by Jack Marchal

The trade name Welson belonged to a Castelfidardo-based accordion making company founded by Orlando Quagliardi in 1921.

The company was among the very first ones to enter guitar manufacturing in the area. I’ve seen old Welson acoustic archtops, quite similar to mid-50’s German-made instruments, that looked as old as the earliest examples of Eko 100.

Its first electric solidbodies (1962-1964) make Welson appear to be some kind of a subsidiary to the Bartolini-Gemelli galaxy, though some details betray a care of seriousness that put those guitars apart and is typical of Welson. After 1964 the initial design evolves without discontinuity towards a second generation of generally sunburst finished solidbodies, equipped with more conventional controls than the previous pushbuttons stripes.

In this second half-decade the focus in the manufacturing program shifts gradually towards semi-acoustic archtops, mainly a classic single cutaway jazz box and a ES-335-inspired thinline, both being aimed at professional musicians. Welson takes at that time a status like being Italy’s Gibson. The instruments, acoustics included, are brandmarked with some kind of austere luxury ugliness (just like Gibsons indeed).

In the early 70’s Welson made LesPaul and SG copies, as could be expected, then specialized on electronic keyboards. However some kind of custom shop was maintained throughout the 70′s to supply high quality boutique guitars. The Quagliardi company ceased activity in 1981.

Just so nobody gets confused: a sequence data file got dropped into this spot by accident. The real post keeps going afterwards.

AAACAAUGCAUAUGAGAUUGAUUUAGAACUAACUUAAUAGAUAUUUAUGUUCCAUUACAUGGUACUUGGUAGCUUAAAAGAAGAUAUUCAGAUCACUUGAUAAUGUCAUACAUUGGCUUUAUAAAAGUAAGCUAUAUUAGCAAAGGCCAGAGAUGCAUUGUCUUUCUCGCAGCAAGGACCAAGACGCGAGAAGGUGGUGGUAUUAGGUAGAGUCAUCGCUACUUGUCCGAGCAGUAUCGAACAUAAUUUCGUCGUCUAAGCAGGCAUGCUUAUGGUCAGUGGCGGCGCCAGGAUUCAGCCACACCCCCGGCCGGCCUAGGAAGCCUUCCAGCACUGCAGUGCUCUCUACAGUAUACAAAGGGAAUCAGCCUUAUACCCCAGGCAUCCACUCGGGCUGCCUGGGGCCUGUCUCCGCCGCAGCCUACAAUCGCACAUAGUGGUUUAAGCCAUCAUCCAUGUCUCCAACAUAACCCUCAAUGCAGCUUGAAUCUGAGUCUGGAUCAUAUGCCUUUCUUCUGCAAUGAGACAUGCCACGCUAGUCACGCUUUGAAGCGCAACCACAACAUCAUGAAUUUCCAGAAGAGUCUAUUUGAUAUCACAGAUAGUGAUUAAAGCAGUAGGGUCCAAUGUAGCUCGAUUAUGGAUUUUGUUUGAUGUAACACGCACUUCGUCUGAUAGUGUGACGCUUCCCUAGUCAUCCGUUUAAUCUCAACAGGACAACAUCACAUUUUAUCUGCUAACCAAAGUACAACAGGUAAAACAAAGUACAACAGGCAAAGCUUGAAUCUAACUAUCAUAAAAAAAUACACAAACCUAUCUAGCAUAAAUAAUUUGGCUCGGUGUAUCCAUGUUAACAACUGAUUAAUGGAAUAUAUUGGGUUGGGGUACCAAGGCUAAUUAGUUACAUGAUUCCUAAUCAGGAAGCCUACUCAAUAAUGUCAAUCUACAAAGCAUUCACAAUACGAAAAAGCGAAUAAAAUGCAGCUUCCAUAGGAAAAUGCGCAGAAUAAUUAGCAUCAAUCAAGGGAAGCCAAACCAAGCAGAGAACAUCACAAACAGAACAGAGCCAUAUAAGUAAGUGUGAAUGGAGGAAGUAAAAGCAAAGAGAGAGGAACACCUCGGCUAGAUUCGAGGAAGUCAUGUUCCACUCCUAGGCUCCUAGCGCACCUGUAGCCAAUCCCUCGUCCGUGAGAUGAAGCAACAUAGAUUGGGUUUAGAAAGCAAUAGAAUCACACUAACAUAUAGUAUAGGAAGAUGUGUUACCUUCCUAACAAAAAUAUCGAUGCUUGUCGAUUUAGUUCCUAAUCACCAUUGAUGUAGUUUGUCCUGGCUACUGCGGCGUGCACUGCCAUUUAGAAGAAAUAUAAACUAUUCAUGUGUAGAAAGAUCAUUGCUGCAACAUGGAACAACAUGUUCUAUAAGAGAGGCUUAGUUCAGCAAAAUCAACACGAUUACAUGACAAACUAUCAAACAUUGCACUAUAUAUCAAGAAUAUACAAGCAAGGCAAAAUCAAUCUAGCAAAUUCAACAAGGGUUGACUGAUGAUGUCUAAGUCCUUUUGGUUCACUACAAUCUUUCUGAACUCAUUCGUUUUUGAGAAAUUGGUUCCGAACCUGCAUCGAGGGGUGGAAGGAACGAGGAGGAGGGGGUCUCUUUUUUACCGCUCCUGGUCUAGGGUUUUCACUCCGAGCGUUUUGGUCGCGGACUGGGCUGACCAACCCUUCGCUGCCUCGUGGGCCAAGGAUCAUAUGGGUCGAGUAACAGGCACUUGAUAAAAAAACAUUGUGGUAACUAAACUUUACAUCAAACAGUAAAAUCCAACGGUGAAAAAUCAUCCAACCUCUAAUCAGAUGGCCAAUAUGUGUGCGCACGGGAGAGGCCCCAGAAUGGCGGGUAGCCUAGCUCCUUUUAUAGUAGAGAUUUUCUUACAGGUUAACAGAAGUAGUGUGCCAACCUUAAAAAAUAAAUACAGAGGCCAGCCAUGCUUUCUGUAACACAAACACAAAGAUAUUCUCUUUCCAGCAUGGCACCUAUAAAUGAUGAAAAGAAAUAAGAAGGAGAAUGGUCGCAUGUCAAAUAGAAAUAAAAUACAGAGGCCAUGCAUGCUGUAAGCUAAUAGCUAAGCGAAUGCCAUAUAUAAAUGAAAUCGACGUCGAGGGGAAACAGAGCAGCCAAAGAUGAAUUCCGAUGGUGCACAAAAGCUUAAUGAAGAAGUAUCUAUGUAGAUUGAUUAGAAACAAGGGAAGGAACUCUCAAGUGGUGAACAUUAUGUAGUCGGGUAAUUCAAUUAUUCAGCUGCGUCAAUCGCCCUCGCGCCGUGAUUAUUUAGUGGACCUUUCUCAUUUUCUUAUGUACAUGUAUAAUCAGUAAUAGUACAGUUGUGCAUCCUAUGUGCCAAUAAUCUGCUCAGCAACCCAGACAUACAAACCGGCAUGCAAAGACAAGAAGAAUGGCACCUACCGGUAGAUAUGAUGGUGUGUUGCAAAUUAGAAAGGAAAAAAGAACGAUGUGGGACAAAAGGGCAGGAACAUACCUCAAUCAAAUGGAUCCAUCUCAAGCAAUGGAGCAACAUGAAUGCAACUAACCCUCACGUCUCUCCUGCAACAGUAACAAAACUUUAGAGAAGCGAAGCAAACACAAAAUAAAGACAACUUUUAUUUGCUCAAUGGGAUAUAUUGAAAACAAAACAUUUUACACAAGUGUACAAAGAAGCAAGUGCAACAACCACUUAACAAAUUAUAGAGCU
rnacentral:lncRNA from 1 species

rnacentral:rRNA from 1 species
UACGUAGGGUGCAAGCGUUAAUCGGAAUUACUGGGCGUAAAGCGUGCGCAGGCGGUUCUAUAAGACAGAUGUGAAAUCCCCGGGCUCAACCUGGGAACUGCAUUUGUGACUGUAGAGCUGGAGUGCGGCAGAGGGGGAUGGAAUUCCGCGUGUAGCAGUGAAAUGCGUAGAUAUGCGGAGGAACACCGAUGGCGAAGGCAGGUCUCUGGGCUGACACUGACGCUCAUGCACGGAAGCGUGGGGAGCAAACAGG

This maker used mainly two pickup models during the 60′s. First were used the same twin coil items as Crucianelli, Bartolini, Gemelli and others, with just another packaging (Welson choose a sort of wafer or caterpillar embossed metal cover), then after 1967 humbuckers, easy to identify with their six screws and the two part magnetic bar, of truly exceptional quality (no noise, high output). Here again the comparison with Gibson comes to mind.

While Quagliardi and Welson accordions never were really common, Welson guitar production reached a large scale, in Italy second only to Eko and Crucianelli. But rather than struggling for 1 percent sales share in music shops of Milan or Rome the company preferred to concentrate on remote markets, taking advantage of the image of near professional seriousness associated to its instruments. Welson guitars are easy to find in France, Belgium and Holland, they are not rare in the rest of the Western world… with the ironic exception of Italy, where they are virtually ignored.